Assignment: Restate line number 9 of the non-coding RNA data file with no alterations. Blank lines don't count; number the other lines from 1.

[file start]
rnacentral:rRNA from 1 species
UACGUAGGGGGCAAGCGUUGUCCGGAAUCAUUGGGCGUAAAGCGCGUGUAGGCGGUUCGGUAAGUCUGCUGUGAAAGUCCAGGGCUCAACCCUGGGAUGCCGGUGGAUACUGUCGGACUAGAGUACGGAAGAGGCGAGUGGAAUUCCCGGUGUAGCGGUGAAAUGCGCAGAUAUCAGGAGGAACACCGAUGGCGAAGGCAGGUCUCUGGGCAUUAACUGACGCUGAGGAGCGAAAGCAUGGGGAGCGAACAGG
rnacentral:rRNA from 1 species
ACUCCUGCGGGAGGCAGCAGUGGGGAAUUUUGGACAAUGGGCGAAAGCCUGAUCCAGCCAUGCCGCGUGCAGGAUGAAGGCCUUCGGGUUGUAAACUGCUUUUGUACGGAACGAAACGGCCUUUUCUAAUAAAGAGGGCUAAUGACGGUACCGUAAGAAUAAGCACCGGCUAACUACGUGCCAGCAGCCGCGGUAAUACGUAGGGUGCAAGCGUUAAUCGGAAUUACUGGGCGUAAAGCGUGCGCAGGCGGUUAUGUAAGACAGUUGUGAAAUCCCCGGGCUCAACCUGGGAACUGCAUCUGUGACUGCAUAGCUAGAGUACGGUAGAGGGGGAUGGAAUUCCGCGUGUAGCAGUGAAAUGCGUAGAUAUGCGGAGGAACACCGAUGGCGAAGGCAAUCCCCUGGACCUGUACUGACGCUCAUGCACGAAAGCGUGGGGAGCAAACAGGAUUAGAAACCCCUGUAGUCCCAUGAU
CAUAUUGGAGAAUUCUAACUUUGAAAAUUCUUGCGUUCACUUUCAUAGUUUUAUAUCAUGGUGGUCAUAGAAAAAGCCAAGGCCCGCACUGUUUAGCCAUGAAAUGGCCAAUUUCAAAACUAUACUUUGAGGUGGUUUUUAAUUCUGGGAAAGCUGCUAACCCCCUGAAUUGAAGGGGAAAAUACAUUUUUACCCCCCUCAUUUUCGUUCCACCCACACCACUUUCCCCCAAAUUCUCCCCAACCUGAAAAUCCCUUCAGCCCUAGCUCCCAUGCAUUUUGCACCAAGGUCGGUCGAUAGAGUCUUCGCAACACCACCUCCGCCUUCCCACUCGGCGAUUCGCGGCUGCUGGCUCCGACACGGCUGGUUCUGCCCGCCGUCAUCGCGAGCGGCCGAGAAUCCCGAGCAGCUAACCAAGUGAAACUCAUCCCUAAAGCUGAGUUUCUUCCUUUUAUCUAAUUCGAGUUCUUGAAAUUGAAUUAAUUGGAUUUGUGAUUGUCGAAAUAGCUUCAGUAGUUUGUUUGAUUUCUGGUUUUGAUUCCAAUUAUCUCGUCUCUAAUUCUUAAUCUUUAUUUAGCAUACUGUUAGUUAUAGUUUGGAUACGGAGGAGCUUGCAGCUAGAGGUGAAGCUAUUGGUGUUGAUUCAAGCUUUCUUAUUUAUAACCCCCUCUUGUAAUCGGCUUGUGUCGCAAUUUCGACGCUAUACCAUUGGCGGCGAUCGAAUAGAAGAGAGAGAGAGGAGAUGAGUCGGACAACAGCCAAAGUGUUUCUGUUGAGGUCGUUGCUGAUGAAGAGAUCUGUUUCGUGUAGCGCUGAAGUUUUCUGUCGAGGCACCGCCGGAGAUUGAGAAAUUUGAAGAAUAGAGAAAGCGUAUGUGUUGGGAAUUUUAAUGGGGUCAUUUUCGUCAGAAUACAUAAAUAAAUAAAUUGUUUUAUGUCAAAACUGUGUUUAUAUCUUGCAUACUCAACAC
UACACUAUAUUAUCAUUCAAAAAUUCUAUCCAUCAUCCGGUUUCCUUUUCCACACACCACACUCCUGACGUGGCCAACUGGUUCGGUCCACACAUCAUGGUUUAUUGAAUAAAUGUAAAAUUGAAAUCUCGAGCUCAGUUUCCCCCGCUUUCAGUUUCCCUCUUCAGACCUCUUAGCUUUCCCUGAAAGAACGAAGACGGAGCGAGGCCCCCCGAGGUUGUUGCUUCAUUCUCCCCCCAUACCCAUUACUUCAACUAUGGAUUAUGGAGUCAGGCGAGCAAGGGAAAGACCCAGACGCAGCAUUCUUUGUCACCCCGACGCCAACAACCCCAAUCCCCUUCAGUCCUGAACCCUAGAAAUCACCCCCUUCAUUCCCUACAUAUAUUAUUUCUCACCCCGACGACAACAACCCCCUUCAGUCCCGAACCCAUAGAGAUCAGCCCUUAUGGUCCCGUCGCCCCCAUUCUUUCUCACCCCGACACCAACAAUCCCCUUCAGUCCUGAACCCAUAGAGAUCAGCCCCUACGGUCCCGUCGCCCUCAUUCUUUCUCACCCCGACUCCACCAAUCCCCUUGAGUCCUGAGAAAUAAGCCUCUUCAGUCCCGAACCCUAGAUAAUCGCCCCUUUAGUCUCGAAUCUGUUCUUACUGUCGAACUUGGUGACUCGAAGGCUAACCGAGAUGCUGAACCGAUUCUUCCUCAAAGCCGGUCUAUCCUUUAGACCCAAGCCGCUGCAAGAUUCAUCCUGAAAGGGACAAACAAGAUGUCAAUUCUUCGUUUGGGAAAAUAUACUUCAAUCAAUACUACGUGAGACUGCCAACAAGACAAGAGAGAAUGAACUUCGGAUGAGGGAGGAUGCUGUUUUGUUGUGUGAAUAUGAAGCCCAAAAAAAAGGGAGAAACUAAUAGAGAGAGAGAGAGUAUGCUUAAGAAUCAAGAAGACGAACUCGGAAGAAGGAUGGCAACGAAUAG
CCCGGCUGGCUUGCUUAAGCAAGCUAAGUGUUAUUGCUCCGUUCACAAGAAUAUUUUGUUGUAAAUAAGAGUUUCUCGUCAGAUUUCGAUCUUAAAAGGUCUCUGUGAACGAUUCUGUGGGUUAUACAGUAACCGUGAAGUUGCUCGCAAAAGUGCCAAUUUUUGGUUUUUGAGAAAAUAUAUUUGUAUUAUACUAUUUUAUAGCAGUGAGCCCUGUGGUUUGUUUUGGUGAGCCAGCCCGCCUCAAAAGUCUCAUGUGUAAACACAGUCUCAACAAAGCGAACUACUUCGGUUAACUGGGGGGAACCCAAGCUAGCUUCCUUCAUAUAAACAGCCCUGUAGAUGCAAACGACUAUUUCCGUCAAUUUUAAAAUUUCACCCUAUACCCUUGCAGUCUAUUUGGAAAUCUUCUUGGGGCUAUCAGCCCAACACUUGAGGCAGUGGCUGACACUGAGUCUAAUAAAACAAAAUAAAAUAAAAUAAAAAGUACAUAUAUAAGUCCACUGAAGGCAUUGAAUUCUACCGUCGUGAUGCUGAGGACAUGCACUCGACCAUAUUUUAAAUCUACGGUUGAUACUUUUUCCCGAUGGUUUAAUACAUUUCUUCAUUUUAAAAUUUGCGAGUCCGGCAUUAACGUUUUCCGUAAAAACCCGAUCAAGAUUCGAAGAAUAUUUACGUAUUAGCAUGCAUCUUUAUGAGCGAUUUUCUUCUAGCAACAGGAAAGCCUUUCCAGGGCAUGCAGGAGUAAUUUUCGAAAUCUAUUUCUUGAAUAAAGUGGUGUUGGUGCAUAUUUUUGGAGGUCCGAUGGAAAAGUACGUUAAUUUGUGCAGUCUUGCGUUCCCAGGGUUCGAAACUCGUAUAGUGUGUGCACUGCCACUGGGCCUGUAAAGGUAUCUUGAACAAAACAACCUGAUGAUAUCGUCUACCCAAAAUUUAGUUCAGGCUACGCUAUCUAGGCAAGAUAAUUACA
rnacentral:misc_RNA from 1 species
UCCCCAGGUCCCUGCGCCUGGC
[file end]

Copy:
UCCCCAGGUCCCUGCGCCUGGC